People who've left ER, where did you go, why did you go, and are you happier?

Pretty much the title. 

I'm a current ER associate. Middle to top bucket. Feeling slightly disillusioned about the job, not sure if it's my sector or the whole premise of the thing but my internal motivation has fallen off a cliff this year, knowing that I probably don't want to continue down the exact path I'm on.

ER pay isn't the best ofc but I'm still compensated better than anyone I know apart from my friends who do law/IB/S&T, so that's one hang up. Not much else pays similar in the UK.

Wondering where people have left to (I know the normal exits but indulge me). Why they decided it was time to leave ER (sell-side). And whether the new path is better.

Most Helpful

I worked in ER for ~5 years, made the jump to real estate/consulting. 

I was actually furloughed during the pandemic, but I was actually weighing options before all of that. Should probably also say I'm a CPA as well so its a little easier to move around. 

For me, it was really, I was working at smaller shops and only really wanted to continue working at bigger shops, but I wasn't able to break through. Got interview, but wasn't able to breakthough. Also, became somewhat disillusioned, in the sense, going in I thought it woudl be one way and it ended up another; basically, was doing a lot of work that didn't really add value in my opinion. Also, kind of came of age in the sense, realized people didn't care as much about what you do, so when you start to look elsewhere and the money and wlb is better elsewhere, you go elsewhere.  

Also, my last firm was somewhat of a chop shop and did/does do a lot of illegal things, so I wanted to wipe my hands of the whole thing. The cool thing, at the end of the day, I still have the knowledge, and its opened a lot of doors. Also, I can now invest on my own, and going through ER really helped me understand markets.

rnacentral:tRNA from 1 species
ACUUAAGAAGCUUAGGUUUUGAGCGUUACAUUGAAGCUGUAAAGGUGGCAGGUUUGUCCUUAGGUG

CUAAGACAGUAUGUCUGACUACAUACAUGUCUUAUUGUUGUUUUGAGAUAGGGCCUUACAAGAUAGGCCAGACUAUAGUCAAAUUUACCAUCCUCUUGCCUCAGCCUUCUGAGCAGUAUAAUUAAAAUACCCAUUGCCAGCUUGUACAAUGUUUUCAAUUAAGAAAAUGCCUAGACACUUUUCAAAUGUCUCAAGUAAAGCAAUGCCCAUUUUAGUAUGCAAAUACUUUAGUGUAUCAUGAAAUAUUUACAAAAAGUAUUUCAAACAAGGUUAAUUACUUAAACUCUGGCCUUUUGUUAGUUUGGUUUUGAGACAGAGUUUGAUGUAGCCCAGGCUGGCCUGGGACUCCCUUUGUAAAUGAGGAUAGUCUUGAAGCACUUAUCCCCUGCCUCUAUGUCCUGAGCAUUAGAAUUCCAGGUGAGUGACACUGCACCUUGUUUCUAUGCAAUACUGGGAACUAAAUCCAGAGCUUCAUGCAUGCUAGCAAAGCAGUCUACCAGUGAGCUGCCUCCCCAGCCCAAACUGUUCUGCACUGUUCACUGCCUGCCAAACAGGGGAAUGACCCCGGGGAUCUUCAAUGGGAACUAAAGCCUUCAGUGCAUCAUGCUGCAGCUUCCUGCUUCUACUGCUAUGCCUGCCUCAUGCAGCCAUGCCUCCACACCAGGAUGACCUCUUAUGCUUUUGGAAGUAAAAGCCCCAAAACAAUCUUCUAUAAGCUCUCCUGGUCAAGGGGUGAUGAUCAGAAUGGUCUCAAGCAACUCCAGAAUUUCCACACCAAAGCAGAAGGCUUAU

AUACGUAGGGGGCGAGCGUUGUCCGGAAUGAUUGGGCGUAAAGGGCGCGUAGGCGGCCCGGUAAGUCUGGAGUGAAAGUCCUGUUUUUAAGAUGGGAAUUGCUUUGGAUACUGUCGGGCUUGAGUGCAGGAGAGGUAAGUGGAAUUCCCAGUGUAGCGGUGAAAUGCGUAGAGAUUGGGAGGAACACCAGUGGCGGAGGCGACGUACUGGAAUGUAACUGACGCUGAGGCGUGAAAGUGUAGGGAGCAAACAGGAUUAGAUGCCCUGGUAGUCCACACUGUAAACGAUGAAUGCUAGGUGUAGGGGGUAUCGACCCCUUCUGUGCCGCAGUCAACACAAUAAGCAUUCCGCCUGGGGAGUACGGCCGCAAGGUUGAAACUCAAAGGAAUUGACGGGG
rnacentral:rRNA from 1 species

I know a guy who did all of these except investor relations. Guy from my med school a few years older.

He went from med school —> top MBA (H/S) —> IB associate —> biotech ER —> now he works at Viking / orbimed.

Seems to enjoy it. He’s getting a bag.


I feel like Equity Research is a job that should be amazing but it really isn't, particularly as a junior. I wasted countless hours of work and sleep due to compliance being a pain in the ass. I totally understand that compliance is important but especially at the larger firms the bureaucracy of it all is eternally time consuming and brain-numbing. The hours can be difficult due to traveling, earnings, and the sentiment that you have to always be available in case a client has a question, or there is any sort of company update. Still, the worst part about the job is that you're coming up with all these investment ideas and you can't do shit with them. It's like, great... I got the call on company xyz right but it doesn't matter because I am restricted from investing. The pay can actually be pretty decent. I can't really complain on that front.

I made the switch to AM and life is a lot better. I work about 40 hours a week and have no real obligation to do anything once I clock out. My investment ideas now actually are followed through on and also I don't have to kiss any clients ass. Pay at the LO could be better, when compared to a HF, but is inline with ER and should ramp meaningfully higher than ER in the long-term. I should also add that it is a lot more fun to me to research a large stock universe, than being stuck looking at the same 10-20 stocks all my life, which can be really annoying when they're all tanking and the industry is going to shit for one reason or another.


Are you working in AM in research capacity sort of like under a pm for hedge funds?


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